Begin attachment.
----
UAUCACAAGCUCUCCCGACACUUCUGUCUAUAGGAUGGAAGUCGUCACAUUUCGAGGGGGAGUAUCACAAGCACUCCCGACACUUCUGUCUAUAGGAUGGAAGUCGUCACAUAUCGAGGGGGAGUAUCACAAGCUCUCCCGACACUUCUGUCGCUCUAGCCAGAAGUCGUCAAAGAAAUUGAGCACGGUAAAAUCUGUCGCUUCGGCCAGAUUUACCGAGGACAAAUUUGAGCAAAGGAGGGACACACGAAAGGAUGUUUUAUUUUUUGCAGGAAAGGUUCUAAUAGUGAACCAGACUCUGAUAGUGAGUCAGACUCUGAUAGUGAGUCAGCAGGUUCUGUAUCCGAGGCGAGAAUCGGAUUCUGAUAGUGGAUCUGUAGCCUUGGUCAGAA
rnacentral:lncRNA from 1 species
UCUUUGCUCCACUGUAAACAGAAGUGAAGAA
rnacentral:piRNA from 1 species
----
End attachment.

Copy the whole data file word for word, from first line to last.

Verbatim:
UAUCACAAGCUCUCCCGACACUUCUGUCUAUAGGAUGGAAGUCGUCACAUUUCGAGGGGGAGUAUCACAAGCACUCCCGACACUUCUGUCUAUAGGAUGGAAGUCGUCACAUAUCGAGGGGGAGUAUCACAAGCUCUCCCGACACUUCUGUCGCUCUAGCCAGAAGUCGUCAAAGAAAUUGAGCACGGUAAAAUCUGUCGCUUCGGCCAGAUUUACCGAGGACAAAUUUGAGCAAAGGAGGGACACACGAAAGGAUGUUUUAUUUUUUGCAGGAAAGGUUCUAAUAGUGAACCAGACUCUGAUAGUGAGUCAGACUCUGAUAGUGAGUCAGCAGGUUCUGUAUCCGAGGCGAGAAUCGGAUUCUGAUAGUGGAUCUGUAGCCUUGGUCAGAA
rnacentral:lncRNA from 1 species
UCUUUGCUCCACUGUAAACAGAAGUGAAGAA
rnacentral:piRNA from 1 species